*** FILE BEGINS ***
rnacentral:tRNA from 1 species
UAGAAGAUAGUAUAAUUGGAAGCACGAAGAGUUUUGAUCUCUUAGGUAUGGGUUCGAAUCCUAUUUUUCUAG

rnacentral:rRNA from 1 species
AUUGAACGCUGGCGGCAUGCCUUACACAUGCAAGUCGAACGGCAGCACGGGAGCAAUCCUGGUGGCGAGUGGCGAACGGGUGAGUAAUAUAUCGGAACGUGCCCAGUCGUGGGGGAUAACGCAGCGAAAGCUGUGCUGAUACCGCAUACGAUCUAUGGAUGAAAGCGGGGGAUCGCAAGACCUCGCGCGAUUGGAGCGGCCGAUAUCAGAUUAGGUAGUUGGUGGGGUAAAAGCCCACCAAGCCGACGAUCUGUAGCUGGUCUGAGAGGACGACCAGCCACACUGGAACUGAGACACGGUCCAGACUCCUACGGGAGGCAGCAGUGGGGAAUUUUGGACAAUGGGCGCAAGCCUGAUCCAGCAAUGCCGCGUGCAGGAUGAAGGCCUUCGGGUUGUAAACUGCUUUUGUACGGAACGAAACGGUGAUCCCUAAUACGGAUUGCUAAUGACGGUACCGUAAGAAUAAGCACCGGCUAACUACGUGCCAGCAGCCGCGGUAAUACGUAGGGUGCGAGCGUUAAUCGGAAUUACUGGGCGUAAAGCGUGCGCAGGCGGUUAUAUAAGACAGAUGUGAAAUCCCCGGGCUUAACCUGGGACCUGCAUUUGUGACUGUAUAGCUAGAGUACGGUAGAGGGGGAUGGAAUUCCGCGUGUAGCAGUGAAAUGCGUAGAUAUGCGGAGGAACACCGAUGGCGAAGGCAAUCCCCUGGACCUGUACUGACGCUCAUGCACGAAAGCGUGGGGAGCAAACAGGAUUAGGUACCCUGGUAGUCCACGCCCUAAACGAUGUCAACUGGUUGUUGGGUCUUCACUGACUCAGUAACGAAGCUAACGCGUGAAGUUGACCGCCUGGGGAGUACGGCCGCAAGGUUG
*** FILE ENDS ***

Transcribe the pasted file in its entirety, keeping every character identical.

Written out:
rnacentral:tRNA from 1 species
UAGAAGAUAGUAUAAUUGGAAGCACGAAGAGUUUUGAUCUCUUAGGUAUGGGUUCGAAUCCUAUUUUUCUAG

rnacentral:rRNA from 1 species
AUUGAACGCUGGCGGCAUGCCUUACACAUGCAAGUCGAACGGCAGCACGGGAGCAAUCCUGGUGGCGAGUGGCGAACGGGUGAGUAAUAUAUCGGAACGUGCCCAGUCGUGGGGGAUAACGCAGCGAAAGCUGUGCUGAUACCGCAUACGAUCUAUGGAUGAAAGCGGGGGAUCGCAAGACCUCGCGCGAUUGGAGCGGCCGAUAUCAGAUUAGGUAGUUGGUGGGGUAAAAGCCCACCAAGCCGACGAUCUGUAGCUGGUCUGAGAGGACGACCAGCCACACUGGAACUGAGACACGGUCCAGACUCCUACGGGAGGCAGCAGUGGGGAAUUUUGGACAAUGGGCGCAAGCCUGAUCCAGCAAUGCCGCGUGCAGGAUGAAGGCCUUCGGGUUGUAAACUGCUUUUGUACGGAACGAAACGGUGAUCCCUAAUACGGAUUGCUAAUGACGGUACCGUAAGAAUAAGCACCGGCUAACUACGUGCCAGCAGCCGCGGUAAUACGUAGGGUGCGAGCGUUAAUCGGAAUUACUGGGCGUAAAGCGUGCGCAGGCGGUUAUAUAAGACAGAUGUGAAAUCCCCGGGCUUAACCUGGGACCUGCAUUUGUGACUGUAUAGCUAGAGUACGGUAGAGGGGGAUGGAAUUCCGCGUGUAGCAGUGAAAUGCGUAGAUAUGCGGAGGAACACCGAUGGCGAAGGCAAUCCCCUGGACCUGUACUGACGCUCAUGCACGAAAGCGUGGGGAGCAAACAGGAUUAGGUACCCUGGUAGUCCACGCCCUAAACGAUGUCAACUGGUUGUUGGGUCUUCACUGACUCAGUAACGAAGCUAACGCGUGAAGUUGACCGCCUGGGGAGUACGGCCGCAAGGUUG